My observation is that this is mainly the case with middle class Australians. When I was door-knocking in Merrylands those most receptive to door-knocking were those living in housing commision, and immigrants. For the immigrants I was able to be of service because the church ran ESL classes, of which they were very thankful. I think we can tap into this some more.
Anyway, This post is long enough as it is. I'm not against doorknocking, I'm actually going to do it soon in Redfern. It's just some thoughts I had on mission after we woke a sleeping mother and embarassed a man coming to the door in his pj's. Both weren't happy about it, and neither was I.
Friday, April 3, 2009
I wonder if it would be unethical or irresponsible to give some of that money to an orphanage overseas.
Thursday, March 26, 2009
Tuesday, March 24, 2009
1) A dirty river
2) A homeless guy asking me for money, and when offering to take him for a meal at Burger King, him replying "Can we go somewhere a bit healthier?"
3) A 12,000 dollar handbag in a window
4) Sitting on the steps of Rod Laver arena consoling myself after Radiohead had just cancelled their concert there that night, the reason for which I came to Melbourne
So I didn't like it, but I think my decision was entirely influenced by point 4, and I was only there 2 nights so it's not much of a judgement. But what do I think of Melbourne, especially in comparison to Sydney? Is it better? To me the decision is a bit like choosing to travel to England or the USA. If you want big, flashy, and pretty, come to Sydney. It looks good, and has the "wow" factor, but if you go any deeper than the bright lights all you'll find are poker machines, awful public transport and too much cluster. If you prefer a little more culture and sophistication, you'll want to go to Melbourne to enjoy the Cafes, art and architecture, the great live music scene, and as Sam says, the less "booby" fashion.
Is my diagnosis correct?
Sunday, March 22, 2009
Schisms may come, but woe to that church through whom they come! There is no right, or duty, of schism. As unity is given to the church as a gift, so it is taken away as a judgement. But on no account can disunity be a course of action that the church may embrace in pursuit of its mission or identity. The only justified breach is the one we have taken every possible step to avert, the one that lies on the far side of every conciliar process that can be devised.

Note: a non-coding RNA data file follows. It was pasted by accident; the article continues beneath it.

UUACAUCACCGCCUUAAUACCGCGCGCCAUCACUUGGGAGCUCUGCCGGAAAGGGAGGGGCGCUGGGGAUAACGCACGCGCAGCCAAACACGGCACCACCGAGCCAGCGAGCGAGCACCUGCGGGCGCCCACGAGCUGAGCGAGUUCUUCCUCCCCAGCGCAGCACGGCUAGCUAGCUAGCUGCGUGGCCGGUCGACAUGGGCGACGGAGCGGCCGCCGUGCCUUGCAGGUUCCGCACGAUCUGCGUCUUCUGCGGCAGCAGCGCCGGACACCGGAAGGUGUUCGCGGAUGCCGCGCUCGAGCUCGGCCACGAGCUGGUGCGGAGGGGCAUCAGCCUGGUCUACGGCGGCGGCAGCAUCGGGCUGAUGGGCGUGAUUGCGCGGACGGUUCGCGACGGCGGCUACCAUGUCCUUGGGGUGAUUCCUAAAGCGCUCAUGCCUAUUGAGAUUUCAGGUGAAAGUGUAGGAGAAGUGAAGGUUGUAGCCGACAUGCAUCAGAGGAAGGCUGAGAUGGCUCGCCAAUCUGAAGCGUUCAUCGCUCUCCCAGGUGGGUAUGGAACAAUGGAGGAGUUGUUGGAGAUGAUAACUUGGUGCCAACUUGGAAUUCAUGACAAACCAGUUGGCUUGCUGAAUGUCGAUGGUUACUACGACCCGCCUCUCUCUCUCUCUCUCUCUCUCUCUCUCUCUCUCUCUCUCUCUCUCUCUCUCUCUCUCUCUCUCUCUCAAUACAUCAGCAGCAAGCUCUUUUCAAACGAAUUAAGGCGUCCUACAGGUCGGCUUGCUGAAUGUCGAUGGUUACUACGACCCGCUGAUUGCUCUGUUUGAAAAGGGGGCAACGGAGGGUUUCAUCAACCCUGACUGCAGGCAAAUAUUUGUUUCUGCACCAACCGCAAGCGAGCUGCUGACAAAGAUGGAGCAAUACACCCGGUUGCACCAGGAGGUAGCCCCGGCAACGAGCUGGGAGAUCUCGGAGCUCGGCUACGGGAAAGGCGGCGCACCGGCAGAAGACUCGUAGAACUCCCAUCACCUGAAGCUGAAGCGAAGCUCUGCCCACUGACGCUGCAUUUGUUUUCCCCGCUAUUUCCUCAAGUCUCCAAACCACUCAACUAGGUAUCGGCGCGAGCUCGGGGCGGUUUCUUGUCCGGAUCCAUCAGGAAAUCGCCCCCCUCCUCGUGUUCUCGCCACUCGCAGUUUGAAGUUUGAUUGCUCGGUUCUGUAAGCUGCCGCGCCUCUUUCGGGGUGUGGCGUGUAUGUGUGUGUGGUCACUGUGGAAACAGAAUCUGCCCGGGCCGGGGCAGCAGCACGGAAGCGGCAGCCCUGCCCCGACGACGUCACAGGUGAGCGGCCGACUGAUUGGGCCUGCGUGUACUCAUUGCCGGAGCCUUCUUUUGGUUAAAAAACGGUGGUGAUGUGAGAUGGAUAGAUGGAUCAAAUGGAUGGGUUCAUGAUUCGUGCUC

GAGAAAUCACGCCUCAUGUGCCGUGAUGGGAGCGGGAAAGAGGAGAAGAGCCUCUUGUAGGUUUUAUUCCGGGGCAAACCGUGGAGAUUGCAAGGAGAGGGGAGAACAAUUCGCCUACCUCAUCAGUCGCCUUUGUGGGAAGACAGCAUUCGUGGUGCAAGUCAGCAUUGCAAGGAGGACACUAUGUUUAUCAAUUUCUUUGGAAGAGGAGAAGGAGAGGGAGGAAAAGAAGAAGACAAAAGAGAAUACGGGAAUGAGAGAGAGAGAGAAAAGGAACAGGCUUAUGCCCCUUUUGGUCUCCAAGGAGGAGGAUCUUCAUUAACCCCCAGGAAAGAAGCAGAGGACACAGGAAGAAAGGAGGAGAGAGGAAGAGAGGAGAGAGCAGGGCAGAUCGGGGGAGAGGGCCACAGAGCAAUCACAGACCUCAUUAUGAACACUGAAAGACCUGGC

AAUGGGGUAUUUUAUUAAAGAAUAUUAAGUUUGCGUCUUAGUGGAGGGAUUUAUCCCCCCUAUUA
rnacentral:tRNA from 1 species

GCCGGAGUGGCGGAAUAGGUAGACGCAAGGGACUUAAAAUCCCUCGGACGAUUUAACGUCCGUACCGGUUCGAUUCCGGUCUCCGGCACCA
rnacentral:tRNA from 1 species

O'Donovan is evangelical, and he's well respected by a lot of Moore students and lecturers. I always assumed it was a Evangelicals v Liberals, good guys vs the the bad thing, but turns out it isn't.
Tuesday, March 17, 2009
Monday, March 16, 2009
Mission can’t be planned beyond the next step because people are unpredictable. We don’t know who will respond or how. In many industries you can match inputs and outputs. But in Christian ministry there’s never a neat correlation between inputs and outputs. You can’t say, ‘If I do these Bible studies with these people then I can guarantee that this is what they’ll be like at the end.’ Mission can’t be planned beyond the next step because people are unpredictable.
And mission can’t be planned beyond the next step because God is sovereign. It’s God who opens hearts to the gospel. We can’t know or predict ahead of time who will become Christians. It’s God’s work to grant faith and repentance. And often he surprises us.
A gret reminder for all servants of the gospel by Tim Chester. Read the entire blog post in full. It's the first in a series on mission planning. Great title.
Sunday, March 15, 2009
I'm quite fond of it.
You also may not have known that it is hereditary, or that it is an inherited trait in humans, where the dominant gene causes the cleft chin while the recessive genotype presents without a cleft. (taken from wiki)
I bet you also didn't know that in Egypt it is called the "Impress of Charm"
Now, back to writing that CCDP report due several hours ago...
Concerning the political strategy, she writes: